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Does 1 thread = 1 cpu hit?

Does anyone know if 1 thread always equals on cpu hit? My company is highly batch intensive, but the jobs running in batch are serialized so that only one job is running at a time. On our 4 processor servers, looking at task manager or any other monitoring tool it appears that we hit only one cpu. When a job finishes and another starts up it cycles to the next cpu. The server registers almost nothing on any other cpu during batch. The server is setup to use all available processors, but it really looks as though throwing additional cpu at my problem is a waste of resources. We are having issues at night getting through our batch window before the system needs to be up in the morning. My network admins want to throw bigger hardware at it, but I am unsure it will fix the solution with what I am seeing via monitoring. I am suprised that SQL Server does not take care of multi-threading to the processors by default, but I find no reference out there on the inner architecture of the database engine nor of tuning to do for this. Any help on things to try would be greatly appreciated.
You say that they are "serialized" … how / why? If each one doesn’t get a parallel execution plan, and you are forcing them to run in order, then it seems logical that only one CPU would get hit hard.

FWIW – One worker process in SQL Server will run on one or more CPUs depending on its execution plan, and whether parallelism is enabled inside SQL Server. The query optimizer decides for each one if it seems to be economical to "parallelize" the query. If you have queries that are CPU bound (that is, there’s enough capacity for disk IO, etc. but the CPU is the limiting factor) then it probably makes sense to try running them simultaneously to make use of the processors. If the process is limited by IO, then running more at the same time probably would not help as the disks can’t keep up anyway. You can look at the execution plan for your specific queries to see if they are each using more than one CPU, or you can look at the process list and see if there are multiple entries for the same SPID, which will also show if you have parallel processing for single queries.
What I mean by serialized is that we only run one job at a time. An example of what our job schedule could look like:
1. Pull in and load orders into the system.
2. Initial process of orders for validity.
3. Autoprocess orders through the system.
4. Generate letters, invoices, and accounting transactions on the ledger.
5. Export reports and output datasets to other systems. Each job only runs by itself, due to the locking and updating that it does on the system. Our business is very process oriented and data from one day must by processed that day (e.g. all orders must be processed on the day they are received) What a typical trace of SQL Server would result in is (batch run from 6PM to 6AM):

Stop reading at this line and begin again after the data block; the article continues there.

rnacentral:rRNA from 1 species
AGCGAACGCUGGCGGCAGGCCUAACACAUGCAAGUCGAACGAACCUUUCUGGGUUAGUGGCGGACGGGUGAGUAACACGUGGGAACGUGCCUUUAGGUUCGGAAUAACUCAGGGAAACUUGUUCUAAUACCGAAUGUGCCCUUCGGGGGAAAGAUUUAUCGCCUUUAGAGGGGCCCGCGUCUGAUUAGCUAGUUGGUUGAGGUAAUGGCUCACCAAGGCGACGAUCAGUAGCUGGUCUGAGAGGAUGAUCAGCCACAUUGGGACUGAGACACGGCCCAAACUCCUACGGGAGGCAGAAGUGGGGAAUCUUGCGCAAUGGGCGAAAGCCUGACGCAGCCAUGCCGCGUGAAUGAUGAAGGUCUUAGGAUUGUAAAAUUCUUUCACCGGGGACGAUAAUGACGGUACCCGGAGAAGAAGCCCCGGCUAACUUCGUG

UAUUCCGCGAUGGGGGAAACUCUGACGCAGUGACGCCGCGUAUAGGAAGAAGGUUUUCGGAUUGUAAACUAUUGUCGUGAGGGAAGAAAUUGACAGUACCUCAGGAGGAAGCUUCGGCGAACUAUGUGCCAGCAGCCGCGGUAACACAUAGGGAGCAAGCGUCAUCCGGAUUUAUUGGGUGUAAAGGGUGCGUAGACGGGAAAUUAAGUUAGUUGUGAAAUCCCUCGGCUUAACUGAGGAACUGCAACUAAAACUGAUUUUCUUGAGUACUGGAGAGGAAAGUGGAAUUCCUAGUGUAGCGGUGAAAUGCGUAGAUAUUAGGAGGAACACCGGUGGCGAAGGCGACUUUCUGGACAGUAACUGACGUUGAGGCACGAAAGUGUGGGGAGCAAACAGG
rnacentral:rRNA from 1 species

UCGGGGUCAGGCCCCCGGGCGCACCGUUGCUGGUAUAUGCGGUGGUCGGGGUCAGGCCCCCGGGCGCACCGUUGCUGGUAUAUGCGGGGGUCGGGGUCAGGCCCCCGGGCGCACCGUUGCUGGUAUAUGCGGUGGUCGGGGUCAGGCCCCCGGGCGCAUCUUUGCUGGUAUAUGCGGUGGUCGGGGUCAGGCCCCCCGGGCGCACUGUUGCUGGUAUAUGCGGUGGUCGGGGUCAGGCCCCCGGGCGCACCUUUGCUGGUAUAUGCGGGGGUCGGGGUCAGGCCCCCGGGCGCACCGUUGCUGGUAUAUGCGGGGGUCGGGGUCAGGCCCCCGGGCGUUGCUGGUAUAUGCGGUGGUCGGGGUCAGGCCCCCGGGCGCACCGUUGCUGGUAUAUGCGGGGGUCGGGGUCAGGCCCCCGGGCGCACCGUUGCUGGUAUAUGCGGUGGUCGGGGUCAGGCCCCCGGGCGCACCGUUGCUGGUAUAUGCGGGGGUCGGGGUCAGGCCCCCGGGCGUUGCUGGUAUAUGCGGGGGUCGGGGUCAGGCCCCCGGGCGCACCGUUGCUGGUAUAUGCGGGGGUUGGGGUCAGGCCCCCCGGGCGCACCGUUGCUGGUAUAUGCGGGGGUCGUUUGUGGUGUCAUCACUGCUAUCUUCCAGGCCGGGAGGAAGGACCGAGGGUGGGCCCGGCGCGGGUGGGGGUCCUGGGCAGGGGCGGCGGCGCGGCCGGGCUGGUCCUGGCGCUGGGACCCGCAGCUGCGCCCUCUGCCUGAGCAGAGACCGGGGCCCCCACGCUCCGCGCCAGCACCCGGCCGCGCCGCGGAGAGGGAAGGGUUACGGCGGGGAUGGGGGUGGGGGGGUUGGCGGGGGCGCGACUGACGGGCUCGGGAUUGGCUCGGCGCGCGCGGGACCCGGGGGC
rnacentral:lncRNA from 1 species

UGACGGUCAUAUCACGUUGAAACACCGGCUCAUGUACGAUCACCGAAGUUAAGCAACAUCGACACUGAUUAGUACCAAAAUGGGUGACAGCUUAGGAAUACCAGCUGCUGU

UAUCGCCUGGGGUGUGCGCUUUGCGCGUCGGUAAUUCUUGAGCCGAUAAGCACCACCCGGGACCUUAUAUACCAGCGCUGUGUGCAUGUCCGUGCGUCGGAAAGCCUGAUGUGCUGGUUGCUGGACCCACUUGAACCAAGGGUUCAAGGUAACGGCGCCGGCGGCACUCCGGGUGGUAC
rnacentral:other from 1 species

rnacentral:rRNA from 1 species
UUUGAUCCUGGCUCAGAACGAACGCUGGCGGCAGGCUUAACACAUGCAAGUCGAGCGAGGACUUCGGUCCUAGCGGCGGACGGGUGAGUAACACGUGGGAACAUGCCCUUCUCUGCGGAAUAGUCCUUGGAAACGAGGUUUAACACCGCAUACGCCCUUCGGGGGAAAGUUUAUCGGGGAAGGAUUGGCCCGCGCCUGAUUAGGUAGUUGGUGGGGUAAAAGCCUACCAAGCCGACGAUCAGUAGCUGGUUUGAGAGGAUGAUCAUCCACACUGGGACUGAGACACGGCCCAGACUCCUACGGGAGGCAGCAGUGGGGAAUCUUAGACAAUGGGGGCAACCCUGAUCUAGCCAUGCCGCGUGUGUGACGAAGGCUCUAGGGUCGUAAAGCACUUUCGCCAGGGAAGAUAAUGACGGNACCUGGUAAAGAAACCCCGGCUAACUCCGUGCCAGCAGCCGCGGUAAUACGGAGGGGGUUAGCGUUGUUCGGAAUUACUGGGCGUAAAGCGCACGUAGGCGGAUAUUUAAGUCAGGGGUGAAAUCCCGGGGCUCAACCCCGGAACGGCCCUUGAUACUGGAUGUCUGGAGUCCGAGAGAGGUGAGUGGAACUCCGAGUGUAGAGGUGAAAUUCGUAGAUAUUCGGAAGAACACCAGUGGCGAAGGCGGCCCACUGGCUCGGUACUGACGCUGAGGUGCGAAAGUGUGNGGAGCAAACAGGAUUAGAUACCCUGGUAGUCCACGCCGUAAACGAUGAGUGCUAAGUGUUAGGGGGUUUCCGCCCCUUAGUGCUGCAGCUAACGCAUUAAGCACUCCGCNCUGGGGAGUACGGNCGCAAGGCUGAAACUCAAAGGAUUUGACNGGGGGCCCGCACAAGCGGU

Job 1: ran 1 hours and used cpu 1, cpu 2-4 remain untouched
Job 2: ran 3 hours and used cpu 3, cpu 1,2,4 remain untouched
Job 3: ran 5 hours and used cpu 3, cpu 1,2,4 remain untouched
Job 4: ran 2 hours and used cpu 1, cpu 2-4 remain untouched
Job 5: ran 1 hours and used cpu 4, cpu 1-3 remain untouched

assuming someone did a good job in making the batch step efficient,
then it is probably too small to get a parallel plan
even then, it can be difficult to get a parallel plan to actually give you a significant gain ideally, you would like to configure the process to allow multiple simultaneous jobs each processing a separate set what processor and freq are you on?
if you cannot change your batch process, then you could only gain by going to the fastest possible processor, which is usually a 1/2 proc system
It would require some coding effort, but one approach could be to structure the jobs you list so that they can run in parallel: 1. Load SOME orders
2. Process those for validity while loading more
3. Auto-process the first set, check the second for validity, load a third set etc. If the incoming orders have some logic to their order, it seems like this wouldn’t be too hard: you could make a job that processes a specific sub-set of the orders, and kick that off, then a second job with the same logic on another subset, then a third, and so on up to the number of physical CPUs. This assumes of course that the jobs can be made to not block one another, and that the advantage of running them in parallel is large enough to net an overall speed increase.
I am seeing the issue on two different servers. The first server is a quad server running 2Ghz Xeons, 16GB RAM, and SAN attached storage with different Raid setsdisks for data, log, and tempdb. Storage equates to about 1TB. The second server is a dual server running 3Ghz Xeons, 8GB RAM, and SAN attached storage with different Raid setsdisks for data, log, and tempdb. Storage equates to about 750GB. The network admins have the DBAs testing a quad server running 2.8 Xeons that are dual core, 16GB RAM, and SAN attached storage with different Raid setsdisks for data, log, and tempdb. However, because of the issues with serialized batch jobs, there is little improvment in processing times. I have been trying to get our developers to modify the batch programs to allow multiple versions of the same job to be running at once. However, too much work and too few people mean it is not getting done.
in this case, i do not think you can gain much on the brute force hardware approach even if you cannot divide and parallelize the steps per merrill’s suggestion, it is possible you could improve the efficiency of each individual step.
start with #3, then #2